Expert Speak Raisina Debates
Published on Oct 23, 2018
China’s social credit system This is the sixty ninth part in the series The China Chronicles. Read all the articles here

With the onset of the fourth industrial revolution, many countries are harnessing the power of data and AI-enabled processes to transform global communications, commerce and social relations. But there is one country designing an elaborate plan using a novel big-data-enabled approach to change the way it governs, monitors and shapes the behaviour of its 1.4 billion population as well as local and foreign companies—China. This plan called the Social Credit System (SCS) aims to ‘construct sincerity in government affairs, commercial sincerity, social sincerity and judicial credibility’.

What started as a financial credit tool to curb defaults, evaluate creditworthiness of individuals, and boost trust in a socialist market society in 2003; the social credit system has morphed into a framework of behavioural control where individuals and organisations will face the consequences of their actions.

The SCS is seen as an instrument to ‘close institutional and regulatory gaps, leading to more honest and law-abiding behaviour in society’.


For several years, China faced issues with regulations and compliance in several areas such as legal enforcement, environmental protection, food safety and corruption. As defaulted debtors continued to borrow credit and businesses avoided complying with regulations, a trust deficit was created harming economic efficiency. This narrowed focus on the incapacities of law enforcement and penalties by the judicial system. Thus in 2014, the State Council issued a ‘Planning Outline for the Construction of a Social Credit System (SCS)’ to foster trust and morality among market players and communities while engendering absolute trust in a socialist authoritarian leadership.

The system will be accessing, integrating and assessing data from the public and private sector—payments, criminal records, shopping and driving habits, online browsing as well as day-to-day social behaviour. The three largest tech companies Baidu, Alibaba and Tencent are contributing to the infrastructure design of the SCS because of their access to large reserves of data. As these companies continue to gamify their credit scoring systems, more people are drawn in as the positive reinforcements provided are attractive enough to maintain higher scores or ‘trustworthy’ behaviour. But one must keep in mind that reliability, compatibility and interoperability are key when there are multiple sources of data. The infrastructure framework proposed fails to take this into consideration thus infringing upon privacy and data sharing norms.

Currently many cities are operating pilot programmes but by 2020, the Chinese government wants to use this system nation-wide to silence dissent, ‘name and shame’ undesirables and reward desirables.


If a person honks or does not adhere to driving etiquettes, plays too many video games or speaks against the government, he will be blacklisted for ‘untrustworthy’ behaviour. These undesirables will be punished from travelling, getting a loan or job, and having interactions with others who have higher scores while the desirables will have access to easy credit, better education, access to exclusive dating apps, etc. By managing and controlling social capital, the leadership wants to rebalance China’s economic development and steady the growing urbanisation. Rather than letting individuals conform to a unified civic sense, the system might act as a coercive tool by incentivizing citizens, businesses and government agencies to adhere to laws and regulations. This will polarise the society into the haves and the have-nots. This form of social sorting into the haves and have-nots will not only result in discriminatory practices but also increase inequalities. Achieving growth with such social injustice is not possible and will act as a lag in the future. Thus, it is important for citizens to be aware if the system is binary and to know the yardstick against which they need to improve their behaviour.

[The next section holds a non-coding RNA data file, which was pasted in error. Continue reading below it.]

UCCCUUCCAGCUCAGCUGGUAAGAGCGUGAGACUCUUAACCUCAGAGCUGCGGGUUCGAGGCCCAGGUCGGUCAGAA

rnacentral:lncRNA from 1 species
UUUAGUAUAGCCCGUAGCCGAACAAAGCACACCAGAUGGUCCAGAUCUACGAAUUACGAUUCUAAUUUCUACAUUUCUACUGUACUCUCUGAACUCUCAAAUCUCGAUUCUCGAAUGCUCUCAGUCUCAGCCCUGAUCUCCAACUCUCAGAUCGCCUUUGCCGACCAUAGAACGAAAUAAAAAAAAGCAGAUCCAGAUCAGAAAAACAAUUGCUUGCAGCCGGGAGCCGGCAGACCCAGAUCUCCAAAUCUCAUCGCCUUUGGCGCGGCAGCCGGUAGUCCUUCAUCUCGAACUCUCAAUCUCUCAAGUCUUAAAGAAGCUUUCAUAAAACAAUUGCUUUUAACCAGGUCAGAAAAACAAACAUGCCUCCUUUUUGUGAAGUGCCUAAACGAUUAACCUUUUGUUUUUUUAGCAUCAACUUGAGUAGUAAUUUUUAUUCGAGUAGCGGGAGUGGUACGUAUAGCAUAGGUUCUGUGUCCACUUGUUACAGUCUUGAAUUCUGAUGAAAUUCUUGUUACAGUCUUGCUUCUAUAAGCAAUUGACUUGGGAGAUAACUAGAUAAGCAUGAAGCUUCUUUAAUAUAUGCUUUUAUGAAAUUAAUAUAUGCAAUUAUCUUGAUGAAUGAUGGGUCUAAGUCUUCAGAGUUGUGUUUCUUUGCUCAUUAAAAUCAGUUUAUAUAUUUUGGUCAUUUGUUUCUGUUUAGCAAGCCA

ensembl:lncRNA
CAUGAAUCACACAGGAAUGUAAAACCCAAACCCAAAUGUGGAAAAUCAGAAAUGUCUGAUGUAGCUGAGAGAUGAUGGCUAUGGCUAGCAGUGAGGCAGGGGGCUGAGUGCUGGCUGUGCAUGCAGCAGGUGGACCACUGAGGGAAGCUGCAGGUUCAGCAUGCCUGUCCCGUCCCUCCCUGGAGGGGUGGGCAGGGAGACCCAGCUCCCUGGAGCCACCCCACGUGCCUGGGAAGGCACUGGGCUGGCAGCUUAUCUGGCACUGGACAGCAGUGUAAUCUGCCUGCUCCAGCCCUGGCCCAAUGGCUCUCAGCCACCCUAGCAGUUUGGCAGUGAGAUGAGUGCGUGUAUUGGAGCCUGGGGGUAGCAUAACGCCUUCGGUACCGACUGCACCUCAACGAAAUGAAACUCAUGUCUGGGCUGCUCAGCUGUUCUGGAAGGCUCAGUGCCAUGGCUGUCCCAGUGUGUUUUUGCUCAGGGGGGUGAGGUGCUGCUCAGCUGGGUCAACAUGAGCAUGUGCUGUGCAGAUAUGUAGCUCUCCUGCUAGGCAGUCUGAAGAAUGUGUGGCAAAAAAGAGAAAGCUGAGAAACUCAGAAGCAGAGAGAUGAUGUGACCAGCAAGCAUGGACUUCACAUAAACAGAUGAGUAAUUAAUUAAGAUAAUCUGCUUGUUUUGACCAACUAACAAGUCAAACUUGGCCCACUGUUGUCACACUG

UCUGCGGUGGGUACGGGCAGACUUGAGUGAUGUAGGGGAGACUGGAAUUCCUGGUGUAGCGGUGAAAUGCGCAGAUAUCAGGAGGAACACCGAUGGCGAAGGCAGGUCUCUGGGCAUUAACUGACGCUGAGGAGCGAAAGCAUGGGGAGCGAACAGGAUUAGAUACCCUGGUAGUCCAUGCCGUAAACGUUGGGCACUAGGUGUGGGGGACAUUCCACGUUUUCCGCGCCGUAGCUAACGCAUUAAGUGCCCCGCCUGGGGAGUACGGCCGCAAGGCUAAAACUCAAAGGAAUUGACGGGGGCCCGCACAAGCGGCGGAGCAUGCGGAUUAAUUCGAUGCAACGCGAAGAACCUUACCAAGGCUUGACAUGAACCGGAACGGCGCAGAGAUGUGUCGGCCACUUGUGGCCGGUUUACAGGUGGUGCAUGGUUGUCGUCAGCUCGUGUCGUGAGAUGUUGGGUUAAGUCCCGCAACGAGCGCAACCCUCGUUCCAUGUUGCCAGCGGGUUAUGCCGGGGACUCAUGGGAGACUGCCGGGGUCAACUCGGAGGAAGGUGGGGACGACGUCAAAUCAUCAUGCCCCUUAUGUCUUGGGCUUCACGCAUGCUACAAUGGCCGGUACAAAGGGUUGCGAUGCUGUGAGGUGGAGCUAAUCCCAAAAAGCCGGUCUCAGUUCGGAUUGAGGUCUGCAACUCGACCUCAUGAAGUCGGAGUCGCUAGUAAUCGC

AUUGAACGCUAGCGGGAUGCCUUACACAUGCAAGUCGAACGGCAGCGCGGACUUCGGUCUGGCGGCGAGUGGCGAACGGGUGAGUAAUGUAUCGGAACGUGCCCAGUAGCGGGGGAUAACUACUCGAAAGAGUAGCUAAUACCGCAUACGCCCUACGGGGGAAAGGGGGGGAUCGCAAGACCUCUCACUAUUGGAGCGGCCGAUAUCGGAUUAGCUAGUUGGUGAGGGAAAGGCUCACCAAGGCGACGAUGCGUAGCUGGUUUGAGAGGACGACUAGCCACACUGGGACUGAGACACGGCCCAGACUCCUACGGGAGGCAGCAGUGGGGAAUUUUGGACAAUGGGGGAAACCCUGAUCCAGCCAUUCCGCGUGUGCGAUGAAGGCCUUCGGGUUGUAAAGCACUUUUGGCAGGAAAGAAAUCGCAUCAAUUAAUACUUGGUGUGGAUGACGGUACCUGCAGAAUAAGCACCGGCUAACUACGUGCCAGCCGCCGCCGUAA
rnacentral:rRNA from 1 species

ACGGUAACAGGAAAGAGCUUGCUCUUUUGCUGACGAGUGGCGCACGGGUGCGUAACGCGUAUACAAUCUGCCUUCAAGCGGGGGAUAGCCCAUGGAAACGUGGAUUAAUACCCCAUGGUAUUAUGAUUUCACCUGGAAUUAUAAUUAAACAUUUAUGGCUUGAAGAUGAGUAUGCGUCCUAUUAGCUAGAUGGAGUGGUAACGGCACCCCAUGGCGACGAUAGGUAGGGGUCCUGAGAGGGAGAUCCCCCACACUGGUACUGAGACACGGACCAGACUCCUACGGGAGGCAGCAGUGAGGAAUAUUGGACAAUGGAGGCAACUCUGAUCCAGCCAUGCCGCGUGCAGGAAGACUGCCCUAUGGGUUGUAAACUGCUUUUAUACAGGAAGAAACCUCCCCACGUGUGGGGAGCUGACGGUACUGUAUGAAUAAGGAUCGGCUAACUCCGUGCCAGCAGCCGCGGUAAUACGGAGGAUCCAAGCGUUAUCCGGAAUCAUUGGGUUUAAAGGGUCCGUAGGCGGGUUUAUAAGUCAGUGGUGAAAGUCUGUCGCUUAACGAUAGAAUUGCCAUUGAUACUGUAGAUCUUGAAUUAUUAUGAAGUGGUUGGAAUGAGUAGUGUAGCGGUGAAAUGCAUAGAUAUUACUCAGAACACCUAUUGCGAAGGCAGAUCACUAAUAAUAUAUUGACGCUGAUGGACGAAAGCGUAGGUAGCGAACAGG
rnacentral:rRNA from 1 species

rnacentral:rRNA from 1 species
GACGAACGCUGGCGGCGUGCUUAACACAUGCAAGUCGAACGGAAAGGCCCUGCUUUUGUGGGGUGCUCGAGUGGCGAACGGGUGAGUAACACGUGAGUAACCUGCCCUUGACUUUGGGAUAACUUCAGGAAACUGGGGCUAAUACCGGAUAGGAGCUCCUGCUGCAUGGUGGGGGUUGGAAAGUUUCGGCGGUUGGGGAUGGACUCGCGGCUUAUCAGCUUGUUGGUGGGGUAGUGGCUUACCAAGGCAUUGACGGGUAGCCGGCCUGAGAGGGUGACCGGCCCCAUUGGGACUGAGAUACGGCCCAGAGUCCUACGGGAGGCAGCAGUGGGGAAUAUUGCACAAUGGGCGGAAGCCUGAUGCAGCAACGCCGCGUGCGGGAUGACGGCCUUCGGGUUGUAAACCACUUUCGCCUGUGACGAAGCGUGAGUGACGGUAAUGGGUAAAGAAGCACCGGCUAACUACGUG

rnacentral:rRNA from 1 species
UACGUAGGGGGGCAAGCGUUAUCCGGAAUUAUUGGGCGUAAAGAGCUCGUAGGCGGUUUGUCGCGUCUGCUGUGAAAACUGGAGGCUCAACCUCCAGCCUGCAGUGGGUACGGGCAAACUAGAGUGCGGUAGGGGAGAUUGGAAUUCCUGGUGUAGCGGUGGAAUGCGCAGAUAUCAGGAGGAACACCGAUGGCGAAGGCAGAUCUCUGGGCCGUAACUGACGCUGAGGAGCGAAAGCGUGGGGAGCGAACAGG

From an economic perspective, the SCS can prove to be beneficial as the Council’s main aims are to reduce transaction costs, promote market openness and reduce state regulation.


Companies—both foreign and local—will have the incentive to make business decisions in accordance to the government’s industrial targets and comply with regulations to ensure speedy implementation. But, China may use the SCS to direct investment and steer business decisions towards social and environmental problems advancing innovative technologies and inducing economic growth, thus restricting the freedom of business decision making. Foreign companies may find it hard to strike a balance between adhering to the Party’s ideologies for quicker approvals and their global standards of business. Therefore, rather than increasing the ease of doing business, the SCS may create a deterrent.

Therefore, the SCS attempts to influence choices in a way that leaves the State better off. This top- down approach based on paternalism is a hard nudge towards law-abiding behaviour. With such pervasive surveillance technology in place, Chinese citizens may lose the opportunity at a vibrant economy to an Orwellian setup determined by algorithmic governance. If this sort of state control over the economy becomes dominant in other countries, it is time to question this evolving practice of governance that establishes control over human agency.

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